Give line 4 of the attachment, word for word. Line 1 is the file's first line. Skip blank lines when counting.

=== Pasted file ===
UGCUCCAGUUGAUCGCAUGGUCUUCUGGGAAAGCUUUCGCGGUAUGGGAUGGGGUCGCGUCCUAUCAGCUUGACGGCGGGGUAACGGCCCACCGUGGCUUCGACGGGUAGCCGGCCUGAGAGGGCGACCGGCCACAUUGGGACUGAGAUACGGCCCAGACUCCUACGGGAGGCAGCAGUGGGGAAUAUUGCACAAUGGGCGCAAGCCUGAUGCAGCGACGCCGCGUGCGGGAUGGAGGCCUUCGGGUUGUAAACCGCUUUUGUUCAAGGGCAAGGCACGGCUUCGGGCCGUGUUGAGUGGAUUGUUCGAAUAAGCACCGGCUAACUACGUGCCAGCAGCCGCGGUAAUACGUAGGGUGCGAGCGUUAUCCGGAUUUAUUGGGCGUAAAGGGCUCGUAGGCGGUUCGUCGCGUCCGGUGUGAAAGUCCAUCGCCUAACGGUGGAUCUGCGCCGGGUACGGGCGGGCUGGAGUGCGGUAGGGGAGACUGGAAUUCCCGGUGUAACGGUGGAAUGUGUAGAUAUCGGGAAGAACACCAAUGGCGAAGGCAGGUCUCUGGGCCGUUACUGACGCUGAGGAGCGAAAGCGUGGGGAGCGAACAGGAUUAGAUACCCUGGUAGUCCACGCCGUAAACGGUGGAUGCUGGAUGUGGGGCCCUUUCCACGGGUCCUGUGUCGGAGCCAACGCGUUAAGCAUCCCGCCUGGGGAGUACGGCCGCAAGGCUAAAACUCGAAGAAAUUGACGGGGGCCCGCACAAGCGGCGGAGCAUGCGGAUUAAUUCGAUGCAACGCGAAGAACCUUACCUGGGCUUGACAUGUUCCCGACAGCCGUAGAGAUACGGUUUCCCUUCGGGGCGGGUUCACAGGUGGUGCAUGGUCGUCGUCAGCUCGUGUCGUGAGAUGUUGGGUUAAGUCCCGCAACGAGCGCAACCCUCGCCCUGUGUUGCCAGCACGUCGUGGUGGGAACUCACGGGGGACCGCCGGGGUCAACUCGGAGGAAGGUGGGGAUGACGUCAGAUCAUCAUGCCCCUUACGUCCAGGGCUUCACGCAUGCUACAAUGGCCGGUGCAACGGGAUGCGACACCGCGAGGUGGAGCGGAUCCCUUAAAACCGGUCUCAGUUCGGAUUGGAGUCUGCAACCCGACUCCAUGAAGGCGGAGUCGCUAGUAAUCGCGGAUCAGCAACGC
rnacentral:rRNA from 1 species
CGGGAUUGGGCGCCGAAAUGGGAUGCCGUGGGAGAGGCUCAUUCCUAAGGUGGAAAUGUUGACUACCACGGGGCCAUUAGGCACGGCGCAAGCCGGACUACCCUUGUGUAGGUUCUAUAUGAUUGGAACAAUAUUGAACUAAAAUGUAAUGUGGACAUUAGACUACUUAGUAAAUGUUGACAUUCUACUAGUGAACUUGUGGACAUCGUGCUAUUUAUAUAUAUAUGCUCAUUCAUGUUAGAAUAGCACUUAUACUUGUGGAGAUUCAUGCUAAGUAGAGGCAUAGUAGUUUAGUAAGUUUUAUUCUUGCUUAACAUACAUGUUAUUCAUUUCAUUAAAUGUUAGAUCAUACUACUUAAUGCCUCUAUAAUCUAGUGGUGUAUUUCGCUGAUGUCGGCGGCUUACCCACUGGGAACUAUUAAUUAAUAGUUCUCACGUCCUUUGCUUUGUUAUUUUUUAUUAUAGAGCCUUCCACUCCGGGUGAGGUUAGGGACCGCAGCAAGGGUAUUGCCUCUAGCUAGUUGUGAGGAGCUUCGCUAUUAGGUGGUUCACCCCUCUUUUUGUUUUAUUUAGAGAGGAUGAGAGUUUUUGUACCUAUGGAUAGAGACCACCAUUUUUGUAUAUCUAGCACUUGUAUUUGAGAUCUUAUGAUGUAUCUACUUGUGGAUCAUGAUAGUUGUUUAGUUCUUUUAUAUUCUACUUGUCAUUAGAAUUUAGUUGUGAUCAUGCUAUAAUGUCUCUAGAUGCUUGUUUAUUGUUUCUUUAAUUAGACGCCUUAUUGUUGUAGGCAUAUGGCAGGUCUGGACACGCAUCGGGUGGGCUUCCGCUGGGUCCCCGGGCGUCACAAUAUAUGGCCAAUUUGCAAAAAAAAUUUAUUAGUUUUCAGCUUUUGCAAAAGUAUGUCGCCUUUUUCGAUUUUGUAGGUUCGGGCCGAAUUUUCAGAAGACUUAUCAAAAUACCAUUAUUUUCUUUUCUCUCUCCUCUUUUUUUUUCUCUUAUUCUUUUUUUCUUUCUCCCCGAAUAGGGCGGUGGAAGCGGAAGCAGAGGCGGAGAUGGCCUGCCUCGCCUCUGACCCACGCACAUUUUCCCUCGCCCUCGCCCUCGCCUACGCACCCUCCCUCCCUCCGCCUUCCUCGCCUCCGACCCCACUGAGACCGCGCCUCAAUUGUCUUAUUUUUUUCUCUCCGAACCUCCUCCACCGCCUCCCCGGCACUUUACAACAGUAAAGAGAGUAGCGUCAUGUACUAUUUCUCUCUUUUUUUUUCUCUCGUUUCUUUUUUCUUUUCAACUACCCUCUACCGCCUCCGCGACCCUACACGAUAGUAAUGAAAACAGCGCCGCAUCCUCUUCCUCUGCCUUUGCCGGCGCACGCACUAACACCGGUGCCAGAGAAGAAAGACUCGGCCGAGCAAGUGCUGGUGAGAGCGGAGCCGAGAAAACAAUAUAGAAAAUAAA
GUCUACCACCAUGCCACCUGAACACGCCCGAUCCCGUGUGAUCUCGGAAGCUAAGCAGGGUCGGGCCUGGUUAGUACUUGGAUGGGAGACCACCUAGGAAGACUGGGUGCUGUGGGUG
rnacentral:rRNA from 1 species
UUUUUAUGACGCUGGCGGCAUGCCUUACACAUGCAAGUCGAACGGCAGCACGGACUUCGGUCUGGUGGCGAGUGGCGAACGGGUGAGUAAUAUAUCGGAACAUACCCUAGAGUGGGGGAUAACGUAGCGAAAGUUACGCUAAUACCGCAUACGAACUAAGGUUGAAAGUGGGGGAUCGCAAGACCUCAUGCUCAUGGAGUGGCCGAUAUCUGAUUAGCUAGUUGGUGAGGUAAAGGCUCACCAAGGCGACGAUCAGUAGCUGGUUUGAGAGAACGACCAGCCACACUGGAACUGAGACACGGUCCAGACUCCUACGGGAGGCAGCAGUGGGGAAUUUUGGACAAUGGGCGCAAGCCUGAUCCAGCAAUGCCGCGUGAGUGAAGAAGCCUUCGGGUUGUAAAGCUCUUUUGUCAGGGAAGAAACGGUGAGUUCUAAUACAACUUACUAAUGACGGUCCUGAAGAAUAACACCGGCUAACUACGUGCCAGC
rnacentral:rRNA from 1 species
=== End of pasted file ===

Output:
GUCUACCACCAUGCCACCUGAACACGCCCGAUCCCGUGUGAUCUCGGAAGCUAAGCAGGGUCGGGCCUGGUUAGUACUUGGAUGGGAGACCACCUAGGAAGACUGGGUGCUGUGGGUG